Candidates weigh in on green building rules | VailDaily.com
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Candidates weigh in on green building rules

Scott N. Miller

EAGLE COUNTY – With six people running for one county commissioner’s job, answers can be hard to find. Except here.From now until the November election, the Vail Daily will ask a question a week to all the candidates running for the one open seat on the board. The winner will replace Tom Stone of Gypsum, who is leaving office due to the state’s term limits law.Send questions for the candidates to: smiller@vaildaily.com. It would be great to have a few questions from readers in addition to the ones cooked up by the paper’s staff.This week’s question is:What do you think of the county’s new “green” building regulations? Are they too restrictive? Did the county go far enough? Or are the current regulations about right for a start?

I was born and raised here; I’m raising my three children here. We enjoy hiking, biking, skiing, hunting, fishing, rafting. The environment is very important to us. Almost everybody came here for the environment. The vacation homes are built here because of the environment. I applaud green building; personally, we are looking at a solar system for our own home. However, I am suspect of a program that you can buy your way out of. What are you accomplishing?Are you accomplishing anything more than bureaucracy if the success of your program requires the violation of its own rules?

Being a businessman, I’d rather see the economy and not legislation drive our need and desire to protect our environment. Being practical I know that government sometimes needs to give us an incentive to change our practices. So I took a look at these regulations. I like the point system. If this system were used to reduce the cost of your building permit I would support that idea. I do not like the fact that someone can pay their way out of the regulations. How does that help the environment or the little guy?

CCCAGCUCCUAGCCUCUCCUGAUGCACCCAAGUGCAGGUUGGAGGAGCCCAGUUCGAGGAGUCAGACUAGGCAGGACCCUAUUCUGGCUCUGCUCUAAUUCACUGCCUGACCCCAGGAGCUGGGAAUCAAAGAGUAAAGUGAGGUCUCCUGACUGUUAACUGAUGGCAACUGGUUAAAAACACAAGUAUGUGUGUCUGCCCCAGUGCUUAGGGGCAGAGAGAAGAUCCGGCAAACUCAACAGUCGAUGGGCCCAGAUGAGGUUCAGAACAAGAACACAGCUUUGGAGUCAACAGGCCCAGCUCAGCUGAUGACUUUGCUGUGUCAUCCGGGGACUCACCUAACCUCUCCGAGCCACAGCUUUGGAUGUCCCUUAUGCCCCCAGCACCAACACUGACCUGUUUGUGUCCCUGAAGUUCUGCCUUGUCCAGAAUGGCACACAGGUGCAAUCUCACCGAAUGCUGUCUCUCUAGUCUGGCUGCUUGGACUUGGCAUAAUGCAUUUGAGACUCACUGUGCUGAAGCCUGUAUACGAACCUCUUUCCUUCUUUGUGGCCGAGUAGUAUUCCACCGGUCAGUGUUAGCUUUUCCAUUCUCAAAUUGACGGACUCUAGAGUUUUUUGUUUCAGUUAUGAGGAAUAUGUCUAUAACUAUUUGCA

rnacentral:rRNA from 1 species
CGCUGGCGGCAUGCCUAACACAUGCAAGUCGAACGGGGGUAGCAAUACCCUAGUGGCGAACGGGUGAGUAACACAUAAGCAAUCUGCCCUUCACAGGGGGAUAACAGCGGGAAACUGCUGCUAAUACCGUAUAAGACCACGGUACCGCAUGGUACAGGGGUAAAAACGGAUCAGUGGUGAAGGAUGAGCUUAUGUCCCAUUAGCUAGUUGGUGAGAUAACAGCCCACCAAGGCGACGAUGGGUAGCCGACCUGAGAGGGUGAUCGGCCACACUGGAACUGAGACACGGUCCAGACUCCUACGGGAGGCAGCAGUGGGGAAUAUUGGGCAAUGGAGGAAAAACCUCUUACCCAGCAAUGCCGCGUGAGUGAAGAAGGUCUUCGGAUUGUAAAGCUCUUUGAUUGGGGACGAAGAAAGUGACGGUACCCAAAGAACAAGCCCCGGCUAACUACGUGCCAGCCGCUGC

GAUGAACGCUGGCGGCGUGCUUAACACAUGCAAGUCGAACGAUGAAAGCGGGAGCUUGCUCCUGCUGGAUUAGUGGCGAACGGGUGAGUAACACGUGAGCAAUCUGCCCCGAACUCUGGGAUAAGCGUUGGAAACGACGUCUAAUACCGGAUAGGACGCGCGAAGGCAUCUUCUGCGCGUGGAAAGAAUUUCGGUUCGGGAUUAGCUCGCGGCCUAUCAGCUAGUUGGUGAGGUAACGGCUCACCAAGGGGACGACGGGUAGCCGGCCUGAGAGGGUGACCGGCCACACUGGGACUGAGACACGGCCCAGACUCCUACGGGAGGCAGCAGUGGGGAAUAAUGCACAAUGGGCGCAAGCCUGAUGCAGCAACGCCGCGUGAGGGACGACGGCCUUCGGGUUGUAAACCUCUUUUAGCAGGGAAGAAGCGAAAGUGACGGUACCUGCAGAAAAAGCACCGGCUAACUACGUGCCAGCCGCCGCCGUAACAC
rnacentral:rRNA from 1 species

As I understand the new “green” regulations they are incentive-based as well as regulation-based, which is good; the carrot and the stick. Sixty percent of the problem is energy waste, and that seems to be the main target of the new green regulations. Don’t throw away expensive, limited energy.More encouragement could be directed toward passive and active solar energy applications, but we need demonstration projects to educate the public first. I would like to see the airport put in wind and photovoltaic energy-producing systems that would supply the airport’s electrical needs. This would open a lot of eyes and help get the ball rolling toward independence from fossil fuel energy.

I find them disingenuous. The “green” building regulations are set up to create energy-efficient buildings; however, they allow some to buy their way out of the program while creating additional expense for people trying to build an affordable home. Regulations, if created, should be easy to follow, cost-effective and simple to apply. Some of the proposed regulations are difficult to track and enforce. Some represent individual preferences rather than the specific needs of an energy-efficient program. Also, the onerous task of administration cannot be handled by the “Eco-build specialist” but would likely require an entire staff.

Any effort made to better utilize our energy resources is a step in the right direction. The EcoBuild program promotes the use of cost-effective sustainable building methods while providing incentives for those who build green. The county measured the benefits of introducing energy-efficient, healthy and environmentally responsible design practices against the impacts these regulations will have on building costs. And though the challenge is on our valley’s builders to be more environmentally sensitive and resourceful in their design, studies show that the long term benefits will ultimately save homeowners money.

Less regulation in people’s lives is always better. I strongly believe in doing quality work in building construction, as well as other jobs worth doing. I believe that you will pay now or pay later, and with utility costs rising, it may be much more to pay later. The current regulations are more hype than something to really promote energy-efficient homes. It should be very easy to exceed the listed point requirements.Possibly contactors may need to be trained and licensed in the green building techniques. Shoddy workmanship would negate the benefits desired.Vail, Colorado


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